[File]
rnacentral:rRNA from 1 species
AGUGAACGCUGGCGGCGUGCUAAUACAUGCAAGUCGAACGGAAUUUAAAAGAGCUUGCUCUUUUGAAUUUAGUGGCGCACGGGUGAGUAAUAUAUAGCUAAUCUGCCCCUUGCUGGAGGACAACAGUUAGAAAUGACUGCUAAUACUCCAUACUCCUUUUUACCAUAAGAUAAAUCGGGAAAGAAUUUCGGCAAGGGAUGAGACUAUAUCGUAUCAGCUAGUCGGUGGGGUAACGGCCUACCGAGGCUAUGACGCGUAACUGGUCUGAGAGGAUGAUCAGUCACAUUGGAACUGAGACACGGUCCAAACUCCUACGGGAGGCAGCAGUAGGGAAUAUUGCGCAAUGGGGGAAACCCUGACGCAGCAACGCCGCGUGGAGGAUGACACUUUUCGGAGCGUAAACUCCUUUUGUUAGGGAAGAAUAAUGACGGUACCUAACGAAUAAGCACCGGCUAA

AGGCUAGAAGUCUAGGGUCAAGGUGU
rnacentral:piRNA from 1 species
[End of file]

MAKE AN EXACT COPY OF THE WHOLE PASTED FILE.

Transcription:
rnacentral:rRNA from 1 species
AGUGAACGCUGGCGGCGUGCUAAUACAUGCAAGUCGAACGGAAUUUAAAAGAGCUUGCUCUUUUGAAUUUAGUGGCGCACGGGUGAGUAAUAUAUAGCUAAUCUGCCCCUUGCUGGAGGACAACAGUUAGAAAUGACUGCUAAUACUCCAUACUCCUUUUUACCAUAAGAUAAAUCGGGAAAGAAUUUCGGCAAGGGAUGAGACUAUAUCGUAUCAGCUAGUCGGUGGGGUAACGGCCUACCGAGGCUAUGACGCGUAACUGGUCUGAGAGGAUGAUCAGUCACAUUGGAACUGAGACACGGUCCAAACUCCUACGGGAGGCAGCAGUAGGGAAUAUUGCGCAAUGGGGGAAACCCUGACGCAGCAACGCCGCGUGGAGGAUGACACUUUUCGGAGCGUAAACUCCUUUUGUUAGGGAAGAAUAAUGACGGUACCUAACGAAUAAGCACCGGCUAA

AGGCUAGAAGUCUAGGGUCAAGGUGU
rnacentral:piRNA from 1 species